Wednesday, April 9, 2008

Outlook 2003 says Junk It!

Gmail …: Inbox
Yahoo …: Inbox
Hotmail …: Inbox

AOL ...: Inbox
Outlook 2003 …: JUNK!

Time and time again we face the same problem of creatives being classified as Junk mail on desktop applications -- when they are reaching the Inbox of major ISPs. While whitelisting and
authentication entries can take you to inboxes on large ISPs, it does not help much on desktop applications.

Outlook 2003 is one of the more used email desktop applications. The first thing we have to understand about desktop applications is that:

:: The filtering aspects are different
:: The filters are user defined

…and outlook 2003 is no different. Over a 100 million people use Outlook as their email application which means it is likely that your users may be among them. Getting your email communication out to them is of utmost importance, as one user not receiving the communication is one lost source of revenue – if you are a business.

We have to better understand how we can reach these users; we have to understand the tools they use to read your communication. Here is some insight of how an outlook filter works, and why your creatives maybe rotting in a Junk folder waiting to be deleted.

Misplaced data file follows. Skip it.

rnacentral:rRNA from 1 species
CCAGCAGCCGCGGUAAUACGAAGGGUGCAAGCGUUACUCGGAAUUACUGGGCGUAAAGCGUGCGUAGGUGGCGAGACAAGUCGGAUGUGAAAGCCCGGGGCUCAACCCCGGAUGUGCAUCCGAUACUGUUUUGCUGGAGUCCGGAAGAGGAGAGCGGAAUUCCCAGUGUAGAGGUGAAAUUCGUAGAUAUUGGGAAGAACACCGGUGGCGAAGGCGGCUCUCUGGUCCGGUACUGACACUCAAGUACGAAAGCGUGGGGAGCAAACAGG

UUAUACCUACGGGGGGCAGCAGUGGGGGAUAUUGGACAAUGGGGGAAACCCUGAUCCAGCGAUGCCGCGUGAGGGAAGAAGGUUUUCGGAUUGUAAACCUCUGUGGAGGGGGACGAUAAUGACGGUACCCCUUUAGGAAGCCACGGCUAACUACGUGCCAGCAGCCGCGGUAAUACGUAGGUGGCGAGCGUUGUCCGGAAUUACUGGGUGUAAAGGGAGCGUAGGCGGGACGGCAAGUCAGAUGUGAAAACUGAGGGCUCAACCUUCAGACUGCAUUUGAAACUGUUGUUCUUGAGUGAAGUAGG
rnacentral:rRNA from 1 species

Message Sending Time Check – Weekends are a bad time to send a campaign to your users who use Outlook. The filters give it a higher score and are more likely to end up in the Junk folder than if the mailing was sent on a weekday.

Upper Case in Messages - If the message contains around 25% or more uppercase words, it classifies the message as SPAM. Avoid Uppercases both in subject lines and body of the messages as a rule of thumb for all your communication.

Numbers and Symbols - If the content has close to 8% or more numbers and symbols, the message is classified as SPAM. As an example for $100, avoid using “$” signs or “100” values – instead use “One hundred dollars”.

Duplicate Check – Outlook filters checks for duplicates. The more the repetition of the same word, the higher the weighted SPAM score and more likely the message will end up in Junk.

User Settings - User settings most often send the emails to Junk. Ask your users to whitelist your IP or domain.

The above are some of the pointers for better deliverability to the inbox in Outlook. Look to next week when I delve into the filter aspects of Hotmail Live, Yahoo, Comcast and AOL --- and not in that specific order.

Happy Mailing!